Wednesday, 29 August 2007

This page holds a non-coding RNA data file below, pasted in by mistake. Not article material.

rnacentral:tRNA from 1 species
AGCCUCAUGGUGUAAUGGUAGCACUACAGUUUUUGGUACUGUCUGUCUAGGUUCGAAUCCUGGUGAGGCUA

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Some Good News on the Honesty Front I admit that as an academic, nothing bothers me more than plagiarism. I don't care where or why it happens, it always riles me up. (Despite my empowering of them.) When I found that this post had been plagiarized, I wrote another in which I mocked Onika (MAYOR OF SEXYTOWN!) for accepting praise for my work. Fair enough. Checking my mail—as always, I'm about a week behind—I find that the plagiarist herself wrote me. Here's her response: I just wanted to let you know that I apologize for using your blog. I got my ring stuck on my finger and came across it while I was looking for "advice." I thought it was funny and I changed some stuff and posted it. I should have made it clearer that I took most of it from you but I really didn't think it was that big of a deal. People have taken things that I wrote and done this too. People have started to write me and implied that I steal your work all the time. I've never seen your blog before. Anyway, I'm sure you'll post this so everyone can laugh at what a shameful loser I am. So have fun. Hope everyone gets a good laugh. Despite the momentary wavering—"I really didn't think it was that big of a deal"—this is a refreshing admission of guilt. I'm constantly having that dread conversation with student plagiarists, in which I have their "original" work in one hand, and a hard-copy one of the first two returns in a Google search for the novel/play/poem I've assigned in the other. Not only will students refuse to admit what they've done, they'll babble complete nonsense like: "What do you mean by exactly the same? Maybe this Henry James plagiarized me?" "'The first share of Charlotte Perkins Stetson's intellectual and professional indebtedness was undoubtedly to the Nationalist movement promulgated by Edward Bellamy and his 1887 novel Looking Backward' sounds like something I would write." "Of course I know what it means: 'promulgated' means, like, to attack something a lot." So, Onika, I'm sorry to disappoint you, but we won't be laughing at you for having the guts to admit what you've done. The stakes may have been close to nil, but that makes it all the more admirable. You could've done what all those cowering students with they could've: run and hide. You didn't. That says a lot about you.

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